Product name protection and rights advice needed pls

If you are worried about infringement or your work has been copied and you want to take action.
Post Reply
New Member
New  Member
Posts: 1
Joined: Fri Sep 24, 2010 3:04 am

Product name protection and rights advice needed pls

Post by chrismiles »

Hello, I have been searching the web for answers to product name protection, but can not seem to find anything relevant.

I created a software product that I give away for free using the gpl license. I did not copyright or trademark my product name. I have been selling it from my own website, which means that the domain name does not include the product name. As such, I can not prove how long my website has been listing my product name, showing how long I had been using it. Also, the way back machine does not list any backups of my website, so I can also not use that to prove how long I have been working on the software product, or the length of time that I have been offering this product.

The only place that I did list this product that is traceable was on an external website, however when I check, it would seem that they only list the past two years, with the very earliest note simply saying that an account was created with my product name.
The problem here is that all it lists is the product name and the date, there is no evidence that I had any software product ready to release.

I recently found that there was another product that has been released for less time than mine and is using a name that is very similar. For example, my product is called my-subscription and the product I found is called "my-subscriptions".

I would not like anyone to be using a product name so close to my product name, but there are a few problems. Firstly, the name is fairly generic, I know it is not a unique word. Secondly, I have checked the other product and can see that they have evidence of their product release and availability dating back to before the evidence that I can find for my product.

I have just found an old post announcing the release of my software which is archived on the way back machine. It is dated as it is on my website blog. Can this be enough evidence?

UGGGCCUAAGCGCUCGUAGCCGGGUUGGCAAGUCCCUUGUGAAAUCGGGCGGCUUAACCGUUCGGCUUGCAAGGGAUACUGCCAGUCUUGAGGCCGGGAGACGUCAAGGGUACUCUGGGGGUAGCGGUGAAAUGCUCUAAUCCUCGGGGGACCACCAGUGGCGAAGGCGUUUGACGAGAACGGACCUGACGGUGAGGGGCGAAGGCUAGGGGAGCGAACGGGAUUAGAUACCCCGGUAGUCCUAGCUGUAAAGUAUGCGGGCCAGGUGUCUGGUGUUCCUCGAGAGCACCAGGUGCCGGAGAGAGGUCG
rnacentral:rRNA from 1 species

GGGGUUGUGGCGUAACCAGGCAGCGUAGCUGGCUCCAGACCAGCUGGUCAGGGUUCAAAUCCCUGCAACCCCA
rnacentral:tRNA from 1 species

Can I attempt to protect my product name, asking them to change their product name?
Would I do this via a copyright notice or DMCA?
Should it be done via e-mail or should I request their postal address?
Naturally, I am not looking for legal advice, I am looking for suggestions that I can then research myself, so please feel free to suggest
any methods that you may know of, including links or references to laws etc where possible.

Thank you in advance for your suggestions.
User avatar
Posts: 2471
Joined: Fri Jan 29, 2010 12:43 am

Post by AndyJ »

First of all there is very little chance that your product title can be protected by copyright because it consists of just two common words, So what we are talking about here is trademark protection. The problem is that trademarks (unlike copyright) are not automatically protected from their creation, and usually have to be registered to gain full protection - namely a full monopoly on their use. Furthermore trademark registration is speific to the jurisdiction where it is registered eg the UK, USA or EU, so for complete protection you need to register in as many countries worldwide as you can, which is expensive. There is no similar simple procedure to the DMCA takedown notice for dealing with a trademark infringement, although once you have a registered mark it is relatively easy to get a court to recognise that infringement has occurred (as in the case you have described) and to rule in your favour.